hatch

12 ENTRIES FOUND:

1hatch

noun \ˈhach\

Definition of HATCH

1
:  a small door or opening (as in an airplane or spaceship) <an escape hatch>
2
a :  an opening in the deck of a ship or in the floor or roof of a building
b :  the covering for such an opening
c :  hatchway
d :  compartment
3
:  floodgate

Origin of HATCH

Middle English hache, from Old English hæc; akin to Middle Dutch hecke trapdoor
First Known Use: before 12th century

2hatch

verb

Definition of HATCH

intransitive verb
1
:  to produce young by incubation
2
a :  to emerge from an egg, chrysalis, or pupa
b :  to give forth young or imagoes
3
:  to incubate eggs :  brood
transitive verb
1
a :  to produce (young) from an egg by applying natural or artificial heat
b :  incubate 1a
2
:  to bring into being :  originate; especially :  to concoct in secret <hatch a plot>
hatch·abil·i·ty \ˌha-chə-ˈbi-lə-tē\ noun
hatch·able \ˈha-chə-bəl\ adjective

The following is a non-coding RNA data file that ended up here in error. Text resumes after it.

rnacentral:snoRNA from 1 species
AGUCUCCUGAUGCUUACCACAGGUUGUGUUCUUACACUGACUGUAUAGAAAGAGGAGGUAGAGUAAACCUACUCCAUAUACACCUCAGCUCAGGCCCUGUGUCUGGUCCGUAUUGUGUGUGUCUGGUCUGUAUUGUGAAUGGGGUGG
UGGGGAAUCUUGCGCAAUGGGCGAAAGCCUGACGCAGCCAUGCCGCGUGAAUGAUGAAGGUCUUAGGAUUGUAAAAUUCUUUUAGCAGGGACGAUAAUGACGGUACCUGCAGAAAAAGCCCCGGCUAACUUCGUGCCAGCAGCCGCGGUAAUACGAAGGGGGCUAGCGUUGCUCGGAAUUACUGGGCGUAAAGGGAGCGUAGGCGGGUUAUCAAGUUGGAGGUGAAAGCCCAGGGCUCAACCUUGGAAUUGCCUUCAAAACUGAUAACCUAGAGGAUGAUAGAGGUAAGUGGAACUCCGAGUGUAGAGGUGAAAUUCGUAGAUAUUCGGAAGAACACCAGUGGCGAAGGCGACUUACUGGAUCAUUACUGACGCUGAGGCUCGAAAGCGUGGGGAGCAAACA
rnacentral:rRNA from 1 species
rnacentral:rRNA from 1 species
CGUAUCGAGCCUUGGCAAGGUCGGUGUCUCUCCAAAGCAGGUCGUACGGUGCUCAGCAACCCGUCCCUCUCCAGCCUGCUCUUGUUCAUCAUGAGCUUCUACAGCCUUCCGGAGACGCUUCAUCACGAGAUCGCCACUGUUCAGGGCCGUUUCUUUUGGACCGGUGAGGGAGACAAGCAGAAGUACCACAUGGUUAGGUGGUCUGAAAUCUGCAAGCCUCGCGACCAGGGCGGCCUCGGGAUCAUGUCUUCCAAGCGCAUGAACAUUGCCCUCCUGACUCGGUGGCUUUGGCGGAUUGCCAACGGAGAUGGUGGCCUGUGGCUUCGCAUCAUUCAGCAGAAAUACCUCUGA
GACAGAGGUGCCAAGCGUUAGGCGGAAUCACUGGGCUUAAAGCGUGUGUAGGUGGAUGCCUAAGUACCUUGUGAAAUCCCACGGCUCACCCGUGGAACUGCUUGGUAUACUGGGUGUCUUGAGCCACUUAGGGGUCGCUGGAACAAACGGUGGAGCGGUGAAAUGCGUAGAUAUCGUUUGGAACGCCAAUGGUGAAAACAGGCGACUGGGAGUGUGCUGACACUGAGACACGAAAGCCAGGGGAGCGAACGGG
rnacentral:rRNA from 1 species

hatch·er noun

Origin of HATCH

Middle English hacchen; akin to Middle High German hecken to mate
First Known Use: 13th century

3hatch

noun

Definition of HATCH

1
:  an act or instance of hatching
2
:  a brood of hatched young

First Known Use of HATCH

1601

Other Birds Terms

aerie, bunting, clutch, covey, hackle, ratite, rictus, ruff, skein, zygodactyl

4hatch

verb

Definition of HATCH

transitive verb
1
:  to inlay with narrow bands of distinguishable material <a silver handle hatched with gold>
2
:  to mark (as a drawing or engraving) with fine closely spaced lines

Origin of HATCH

Middle French hacher to chop, slice up, incise with fine lines, from Old French hachier — more at hash
First Known Use: 15th century

5hatch

noun

Definition of HATCH

:  line; especially :  one used to give the effect of shading

First Known Use of HATCH

1658

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